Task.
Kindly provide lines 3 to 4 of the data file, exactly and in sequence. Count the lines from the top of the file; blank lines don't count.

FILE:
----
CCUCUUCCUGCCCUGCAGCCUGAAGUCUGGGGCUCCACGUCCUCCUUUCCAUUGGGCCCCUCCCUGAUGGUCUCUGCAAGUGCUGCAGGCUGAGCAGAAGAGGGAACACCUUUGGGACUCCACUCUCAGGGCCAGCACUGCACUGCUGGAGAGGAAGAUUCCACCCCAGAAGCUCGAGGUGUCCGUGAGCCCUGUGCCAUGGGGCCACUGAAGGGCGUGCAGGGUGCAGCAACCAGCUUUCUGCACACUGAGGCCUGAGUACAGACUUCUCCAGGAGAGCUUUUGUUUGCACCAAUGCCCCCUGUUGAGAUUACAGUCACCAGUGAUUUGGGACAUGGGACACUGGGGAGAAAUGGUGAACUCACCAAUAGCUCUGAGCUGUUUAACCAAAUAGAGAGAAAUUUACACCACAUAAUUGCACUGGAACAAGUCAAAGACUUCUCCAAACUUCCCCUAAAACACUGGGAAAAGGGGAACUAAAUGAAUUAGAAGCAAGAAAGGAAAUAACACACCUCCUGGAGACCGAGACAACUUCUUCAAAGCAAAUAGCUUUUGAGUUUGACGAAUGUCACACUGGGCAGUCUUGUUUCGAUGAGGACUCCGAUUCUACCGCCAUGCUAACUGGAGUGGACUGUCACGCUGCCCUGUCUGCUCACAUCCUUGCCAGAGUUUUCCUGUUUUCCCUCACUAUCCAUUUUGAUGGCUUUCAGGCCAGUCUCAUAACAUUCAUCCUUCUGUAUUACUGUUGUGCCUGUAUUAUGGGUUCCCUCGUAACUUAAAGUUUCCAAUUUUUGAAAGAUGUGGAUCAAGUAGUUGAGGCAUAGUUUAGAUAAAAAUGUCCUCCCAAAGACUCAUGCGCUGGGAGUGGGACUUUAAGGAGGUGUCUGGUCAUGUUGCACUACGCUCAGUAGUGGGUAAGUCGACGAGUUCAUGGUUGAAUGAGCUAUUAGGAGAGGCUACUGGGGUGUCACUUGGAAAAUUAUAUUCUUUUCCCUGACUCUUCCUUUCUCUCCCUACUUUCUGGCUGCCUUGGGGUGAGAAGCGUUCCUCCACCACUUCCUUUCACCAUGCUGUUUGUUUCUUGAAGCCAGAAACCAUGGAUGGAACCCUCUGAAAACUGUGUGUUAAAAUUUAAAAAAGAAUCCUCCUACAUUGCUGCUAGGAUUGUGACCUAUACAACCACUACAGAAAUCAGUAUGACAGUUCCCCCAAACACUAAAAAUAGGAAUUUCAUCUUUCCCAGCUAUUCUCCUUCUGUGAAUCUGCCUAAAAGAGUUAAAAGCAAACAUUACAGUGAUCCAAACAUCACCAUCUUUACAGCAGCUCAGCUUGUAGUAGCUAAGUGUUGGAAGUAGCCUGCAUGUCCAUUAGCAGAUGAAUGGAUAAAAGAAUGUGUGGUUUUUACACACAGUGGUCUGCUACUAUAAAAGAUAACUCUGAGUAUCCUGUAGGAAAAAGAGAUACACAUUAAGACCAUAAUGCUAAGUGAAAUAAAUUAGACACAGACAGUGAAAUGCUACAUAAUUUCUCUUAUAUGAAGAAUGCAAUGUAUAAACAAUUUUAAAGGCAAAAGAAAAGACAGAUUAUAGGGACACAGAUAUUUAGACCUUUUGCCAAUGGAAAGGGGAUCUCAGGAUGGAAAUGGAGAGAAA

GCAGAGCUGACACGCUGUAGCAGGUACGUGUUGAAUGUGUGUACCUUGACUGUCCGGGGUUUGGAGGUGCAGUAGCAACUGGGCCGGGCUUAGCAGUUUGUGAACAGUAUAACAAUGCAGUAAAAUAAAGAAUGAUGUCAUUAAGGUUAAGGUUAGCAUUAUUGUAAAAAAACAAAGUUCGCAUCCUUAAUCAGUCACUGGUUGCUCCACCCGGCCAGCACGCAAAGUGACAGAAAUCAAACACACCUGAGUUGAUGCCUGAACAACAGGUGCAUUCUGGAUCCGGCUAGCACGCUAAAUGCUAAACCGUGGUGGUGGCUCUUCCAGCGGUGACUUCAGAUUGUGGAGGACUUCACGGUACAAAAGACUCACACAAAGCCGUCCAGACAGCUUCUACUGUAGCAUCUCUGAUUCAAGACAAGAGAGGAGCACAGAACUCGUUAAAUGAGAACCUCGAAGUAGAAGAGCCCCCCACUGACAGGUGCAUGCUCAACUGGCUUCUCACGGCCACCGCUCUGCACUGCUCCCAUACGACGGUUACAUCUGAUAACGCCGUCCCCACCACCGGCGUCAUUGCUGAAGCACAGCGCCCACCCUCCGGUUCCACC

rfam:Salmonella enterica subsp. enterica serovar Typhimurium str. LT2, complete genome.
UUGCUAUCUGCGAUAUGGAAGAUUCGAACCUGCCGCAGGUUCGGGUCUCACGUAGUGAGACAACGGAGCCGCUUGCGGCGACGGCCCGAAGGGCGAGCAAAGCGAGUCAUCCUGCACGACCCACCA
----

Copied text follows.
rfam:Salmonella enterica subsp. enterica serovar Typhimurium str. LT2, complete genome.
UUGCUAUCUGCGAUAUGGAAGAUUCGAACCUGCCGCAGGUUCGGGUCUCACGUAGUGAGACAACGGAGCCGCUUGCGGCGACGGCCCGAAGGGCGAGCAAAGCGAGUCAUCCUGCACGACCCACCA